For a long time the UK's small businesses have kept their heads down, viewing the future with caution. But now it seems as though the UK's small and medium-sized enterprises (SMEs) have got some of their impetus back, with confidence at an all-time high.
According to the latest Small Business Index, a survey run by the Federation of Small Businesses (FSB), SME confidence reached a balance of +41 points in the third quarter of this year – the first time confidence has hit this level. Positive feeling ran through all sectors of SME business, with each area recording a positive outlook for the next three months.
This survey marks the seventh consecutive month that UK SMEs have been positive about the future. As a result, three-fifths of businesses surveyed (61%) declared that they expected their business to grow over the next year, while one in 10 (11%) had even higher expectations with rapid growth expected over the next 12 months.
Turnover expectations were also on the up, with one third of businesses (33%) expecting their turnover to increase, while almost a fifth (17%) believe that their profits will also rise.
The most confident region is the South East, with a confidence score of +52. However, the North East showed the greatest confidence boost compared with a year ago. Confidence is now ranked at +44, compared to a dismal -7 during the same period last year.
The financial sector ranked itself as the most confident about its place in the future, with a score of +62, but the sectors that witnessed the most improvement were the health and social spheres and the hospitality industry. This demonstrates that confidence is widespread across SME industries, and not restricted to a lucky few.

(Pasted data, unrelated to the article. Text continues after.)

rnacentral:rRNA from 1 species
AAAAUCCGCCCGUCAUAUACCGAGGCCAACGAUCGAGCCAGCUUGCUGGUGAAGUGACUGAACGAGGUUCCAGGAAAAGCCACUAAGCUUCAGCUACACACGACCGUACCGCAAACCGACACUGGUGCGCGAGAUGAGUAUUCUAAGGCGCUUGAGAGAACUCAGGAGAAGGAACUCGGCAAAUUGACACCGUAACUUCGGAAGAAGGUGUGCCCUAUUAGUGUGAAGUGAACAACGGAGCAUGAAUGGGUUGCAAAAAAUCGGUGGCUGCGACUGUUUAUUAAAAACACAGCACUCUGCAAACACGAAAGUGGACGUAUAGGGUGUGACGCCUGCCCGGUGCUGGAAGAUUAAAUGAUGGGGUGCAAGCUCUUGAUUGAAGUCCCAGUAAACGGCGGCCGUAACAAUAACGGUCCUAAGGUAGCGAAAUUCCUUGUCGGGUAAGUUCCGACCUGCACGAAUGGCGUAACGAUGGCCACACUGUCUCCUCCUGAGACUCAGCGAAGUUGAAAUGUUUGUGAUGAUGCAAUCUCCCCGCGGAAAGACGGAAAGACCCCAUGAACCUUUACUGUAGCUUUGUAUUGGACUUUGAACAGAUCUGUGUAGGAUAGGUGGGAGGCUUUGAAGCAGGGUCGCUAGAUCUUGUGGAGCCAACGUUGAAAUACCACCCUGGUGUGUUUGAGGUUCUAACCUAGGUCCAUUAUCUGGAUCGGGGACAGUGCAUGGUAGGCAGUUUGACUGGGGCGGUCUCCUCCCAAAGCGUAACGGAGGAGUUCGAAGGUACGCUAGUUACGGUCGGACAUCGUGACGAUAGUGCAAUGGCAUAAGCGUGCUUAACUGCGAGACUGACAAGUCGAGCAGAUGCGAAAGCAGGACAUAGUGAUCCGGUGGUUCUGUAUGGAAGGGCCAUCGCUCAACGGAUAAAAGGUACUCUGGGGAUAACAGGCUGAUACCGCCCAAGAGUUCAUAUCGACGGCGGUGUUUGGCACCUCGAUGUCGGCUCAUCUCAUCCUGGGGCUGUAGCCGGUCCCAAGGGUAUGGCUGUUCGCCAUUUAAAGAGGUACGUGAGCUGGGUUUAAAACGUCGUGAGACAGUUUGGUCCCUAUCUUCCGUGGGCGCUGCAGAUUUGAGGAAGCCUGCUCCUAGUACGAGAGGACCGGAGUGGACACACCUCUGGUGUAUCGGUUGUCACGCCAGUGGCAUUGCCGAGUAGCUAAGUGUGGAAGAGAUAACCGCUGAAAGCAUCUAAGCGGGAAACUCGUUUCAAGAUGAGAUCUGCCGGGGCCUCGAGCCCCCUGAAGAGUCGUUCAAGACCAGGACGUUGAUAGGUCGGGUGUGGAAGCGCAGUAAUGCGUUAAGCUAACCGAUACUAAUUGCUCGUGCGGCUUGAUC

The growing confidence of SMEs has supported their desire for growth, particularly in terms of recruitment, which is now at an all-time high.
A net balance (+5%) of small firms increased the number of employees working for them over the last three months, while 7% of firms anticipate increasing their staff numbers by the end of the year. This suggests that job growth is likely to steam through the rest of the year, allowing SMEs to grow.
SMEs "spearhead" the economy, so their desire for expansion needs to be supported. However, barriers to growth in the form of the domestic economy, weak consumer demand and skills shortages are blocking SME aspirations. John Allen, national chairman of the FSB, said: "As we head into party conference season, we'll be looking to all the political parties to spell out what they will do to encourage job creation, investment and reward entrepreneurs in the next Parliament."
Keeping business costs down and managing cash flow problems are key to SME growth. If you're feeling confident about your business' future, why not look into supporting your expansion with some financial help? If it's time to move to a bigger premises, a commercial mortgage could be the answer, or perhaps you could try a bridging loan, a form of finance that is growing in popularity. If late payments are holding you back, invoice factoring could be the solution – check out our tables to find out if it would suit your business.
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